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Amphibian and reptile survey of the Bitterroot National Forest :
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Title

Amphibian and reptile survey of the Bitterroot National Forest : 1995 /

By






Type

Book

Material

Published material

Publication info

Helena, Mont. :Montana Natural Heritage Program,c1996.

Subjects

Ambystoma macrodactylum , Amphibians , Bitterroot National Forest (Mont. and Idaho) , Bitterroot River (Mont.) , Bitterroot River Valley (Mont.) , Bullfrog , Coeur d'Alene salamander , Common garter snake , Dipnet , Geographical distribution , Gopher snake , Larvae , Northern alligator lizard , Northern leopard frog , Pacific treefrog , Painted turtle , Racer snake , Reptiles , Rubber boa , Spotted frog , Surveys , Tadpoles , Tailed frog , Western rattlesnake , Western skink , Western terrestrial garter snake , Western toad , Wetlands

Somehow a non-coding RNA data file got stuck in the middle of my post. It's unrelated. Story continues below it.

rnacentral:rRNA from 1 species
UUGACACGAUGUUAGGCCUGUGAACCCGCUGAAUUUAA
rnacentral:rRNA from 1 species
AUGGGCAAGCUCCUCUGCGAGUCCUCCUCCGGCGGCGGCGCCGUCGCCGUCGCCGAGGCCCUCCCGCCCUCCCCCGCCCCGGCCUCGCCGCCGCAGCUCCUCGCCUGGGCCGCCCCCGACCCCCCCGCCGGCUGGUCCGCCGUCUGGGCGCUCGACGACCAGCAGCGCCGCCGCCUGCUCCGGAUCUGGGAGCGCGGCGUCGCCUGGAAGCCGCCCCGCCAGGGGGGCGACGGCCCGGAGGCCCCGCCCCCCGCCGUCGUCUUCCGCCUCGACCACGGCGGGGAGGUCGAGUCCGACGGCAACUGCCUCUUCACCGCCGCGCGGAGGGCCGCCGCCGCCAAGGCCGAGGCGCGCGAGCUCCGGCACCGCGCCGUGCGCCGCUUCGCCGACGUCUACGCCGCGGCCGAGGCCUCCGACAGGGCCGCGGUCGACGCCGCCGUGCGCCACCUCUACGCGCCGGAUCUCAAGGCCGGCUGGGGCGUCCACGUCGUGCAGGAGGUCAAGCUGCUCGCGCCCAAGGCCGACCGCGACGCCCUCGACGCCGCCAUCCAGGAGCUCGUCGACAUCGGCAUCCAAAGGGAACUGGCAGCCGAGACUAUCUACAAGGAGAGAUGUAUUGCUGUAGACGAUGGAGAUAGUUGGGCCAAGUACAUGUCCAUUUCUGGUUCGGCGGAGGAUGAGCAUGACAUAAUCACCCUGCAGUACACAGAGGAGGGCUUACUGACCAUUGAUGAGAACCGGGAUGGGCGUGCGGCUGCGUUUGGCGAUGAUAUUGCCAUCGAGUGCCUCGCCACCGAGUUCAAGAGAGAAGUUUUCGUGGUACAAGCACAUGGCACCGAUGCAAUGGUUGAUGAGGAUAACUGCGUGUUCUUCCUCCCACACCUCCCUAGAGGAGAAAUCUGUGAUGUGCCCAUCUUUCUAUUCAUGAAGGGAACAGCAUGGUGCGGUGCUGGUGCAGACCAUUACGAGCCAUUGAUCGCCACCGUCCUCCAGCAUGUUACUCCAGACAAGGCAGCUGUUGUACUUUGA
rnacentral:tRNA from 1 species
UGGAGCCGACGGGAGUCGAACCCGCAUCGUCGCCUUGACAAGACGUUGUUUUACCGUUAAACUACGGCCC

DOI

https://doi.org/10.5962/bhl.title.35952

Find in a local library

Title

Amphibian and reptile survey of the Bitterroot National Forest : 1995 /

By

Hendricks, P.

Reichel, James D.
Bitterroot National Forest (Agency : U.S.)
Montana Natural Heritage Program.

Type

Book

Material

Published material

Publication info

Helena, Mont. :Montana Natural Heritage Program,c1996.

Notes:

Cover title.

"June 1996."